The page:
Also consider the rate of exchange in China (a dollar will go much farther in that country), the processing method for a lapsang (usually easily done compared to other teas, such as rock wulongs), the number of pickers employed (I’m quite sure that there are much more than 29 per day), and the social/environmental infrastructure in which the worker is making her wages. Nevertheless, zeks, you bring up a very good point!

This is why I choose to pay a higher price for my tea. Compare the above mentioned price to $525 for 500g of Tai Ping Hou Kui at Seven Cups. I only hope that this money is being made available to the skilled workers who produced my tea.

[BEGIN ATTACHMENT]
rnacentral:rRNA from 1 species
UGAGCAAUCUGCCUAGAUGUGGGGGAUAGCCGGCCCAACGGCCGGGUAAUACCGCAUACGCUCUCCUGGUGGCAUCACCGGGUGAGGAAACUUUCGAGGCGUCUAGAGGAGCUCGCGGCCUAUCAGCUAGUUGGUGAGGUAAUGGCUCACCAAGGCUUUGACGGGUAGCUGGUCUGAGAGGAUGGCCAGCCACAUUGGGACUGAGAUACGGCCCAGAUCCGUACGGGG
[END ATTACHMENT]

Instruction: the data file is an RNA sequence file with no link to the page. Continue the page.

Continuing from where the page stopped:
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You might also check out Arbor teas, I don’t know if they fit your criteria but they offer backyard compostable packaging as well as fair trade and organic teas.

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I was going to mention Arbor Teas too.

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It’s nice to see that there are tea drinkers that do care about the social/environmental impact of the tea process. I have two kids and am always trying to buy locally grown produce. Tracking down where an apple came from in my own state is hard enough and I know from personal experience that trying to track down a tea leaf grown half way around the world seems near impossible. These companies are wonderful examples of how to do it right and excellent motivation!